IAS Scholars on Artificial Intelligence

With the launch of chatbots such as ChatGPT and Bard, artificial intelligence (AI) has never been more prominently placed in the popular imagination. At the Institute for Advanced Study, the technology has been the subject of interdisciplinary discussion for some time. In 2019–20, the Schools of Mathematics and Social Science convened two cross-disciplinary workshops and hosted two public events that reflected on the social and ethical challenges of developing machine learning and deploying it "in the wild." Since then, AI has been utilized in numerous fields of research at IAS. For example, machine learning recently enabled a team of scholars, led by Lia Medeiros, AMIAS Member in the School of Natural Sciences, to generate the sharpest ever image of a black hole

Steering AI panel discussion2
Maria O'Leary
Panelists at the Steering AI panel speaking in a packed Wolfensohn Hall

In June 2023, Alondra Nelson, Harold F. Linder Professor in the School of Social Science, also convened a meeting of the IAS AI Policy and Governance Working Group on campus, bringing together experts from a mix of sectors, disciplines, perspectives, and approaches to compile a set of recommendations on sociotechnical mechanisms to ensure accountability in the responsible use of AI tools and systems. Members of the Working Group also engaged in a public panel discussion on the related subject of Steering AI for the Public Good. Following this dialogue, the IAS campus has continued to serve as a hub for debate surrounding the technologies.

The following quotes from Faculty, Members, and Visitors from all four IAS Schools demonstrate the breadth of discussion:


"With the explosion in data driven by new digital detectors, AI has become an essential tool for the analysis of astronomical observations. It is used to pick out the interesting and unusual needles in the haystacks of data generated by modern instruments. At the same time, AI is being used in novel ways to find patterns and relationships in data that have not been recognized before. There is a lot of hope that in this way, AI might lead to breakthroughs in long standing puzzles, such as the nature of turbulence in fluids. What I find fascinating is that the same algorithms scientists use to model data are also applied in so many other ways in so many other domains, including, of course, the social sciences and humanities. Rarely does one computational method impact so many aspects of science and society simultaneously."

James Stone
Professor, School of Natural Sciences


"I am not worried that technology has become too smart. I am worried that it is not smart enough. I don’t fault the technology for its shortcomings; I fault the humans who make wrongheaded decisions because they attribute to software intellectual prowess it does not have. We are led astray by the word 'intelligence' in AI. It is too amorphic, and it causes us to extrapolate from our vague sense of what 'intelligence' is in humans. We then attribute to the software capabilities it does not have and assume it can 'evolve' the way humans learn new skills. Instead of losing ourselves in 'AI' we better name new computational technology for what it is—a tool. It could be extraordinarily helpful, or it could be used for nefarious purposes. The only way to identify its potentials and dangers is to stop treating it as a black box."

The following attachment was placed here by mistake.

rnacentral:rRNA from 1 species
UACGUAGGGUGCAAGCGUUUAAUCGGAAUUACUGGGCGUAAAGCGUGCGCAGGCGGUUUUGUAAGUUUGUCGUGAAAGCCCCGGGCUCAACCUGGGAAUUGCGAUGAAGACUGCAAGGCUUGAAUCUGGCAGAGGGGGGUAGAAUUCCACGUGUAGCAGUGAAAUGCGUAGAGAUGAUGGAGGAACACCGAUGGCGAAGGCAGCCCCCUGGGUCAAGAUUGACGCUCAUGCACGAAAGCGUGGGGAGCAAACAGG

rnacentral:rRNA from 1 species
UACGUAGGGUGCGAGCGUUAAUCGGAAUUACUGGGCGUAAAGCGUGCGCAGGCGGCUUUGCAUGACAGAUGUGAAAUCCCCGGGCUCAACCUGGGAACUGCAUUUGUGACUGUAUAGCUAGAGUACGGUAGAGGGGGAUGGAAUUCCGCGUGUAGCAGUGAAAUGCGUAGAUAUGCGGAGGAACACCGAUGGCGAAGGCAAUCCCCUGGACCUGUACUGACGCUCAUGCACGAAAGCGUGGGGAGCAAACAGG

Yulia Frumer
Founder's Circle Member (2022–23), School of Historical Studies


"The recent developments in artificial intelligence are both incredibly exciting and deeply unsettling. If rapid developments continue, it is not hard to imagine both tremendous benefits and harms to society. Further, some of the biggest impacts may end up being things that we can’t even imagine today. This is a critical moment because the research and policy choices today may shape the future of this technology and how it interacts with society. To rise to this occasion, we need new research and thinking about what is—and is not—possible, what is—and is not—happening, and perhaps most importantly, what we want the future to be."

Matthew Salganik
Infosys Member (2022–23), School of Social Science


"We are living through an AI revolution. Previously unthinkable amounts of data and incredibly powerful mathematical, statistical, and physical models are powering this revolution in ways we never imagined. Whilst AI poses profound challenges to us as a species, it also opens up new avenues through which we can transform and revolutionize our lives. Of particular interest is what is referred to as a 'digital twin': data-charged models based on physics that can help us in accurate predictions and decision-making. Digital twins can help in building safer and more efficient engineering structures. They can lead to better medical outcomes for us all. They can also offer us a deeper understanding of the natural world. But this is just the start. With fast-moving improvements in physics-based machine learning models, scalable methods in data simulation and decision making, and high-performance computing, it may at some point be possible to have a digital twin of our entire planet. Where that will lead to is anybody's guess. But one thing is for certain. Our lives will never be the same again."

Zahra Lakdawala
Visitor (2022–23), School of Mathematics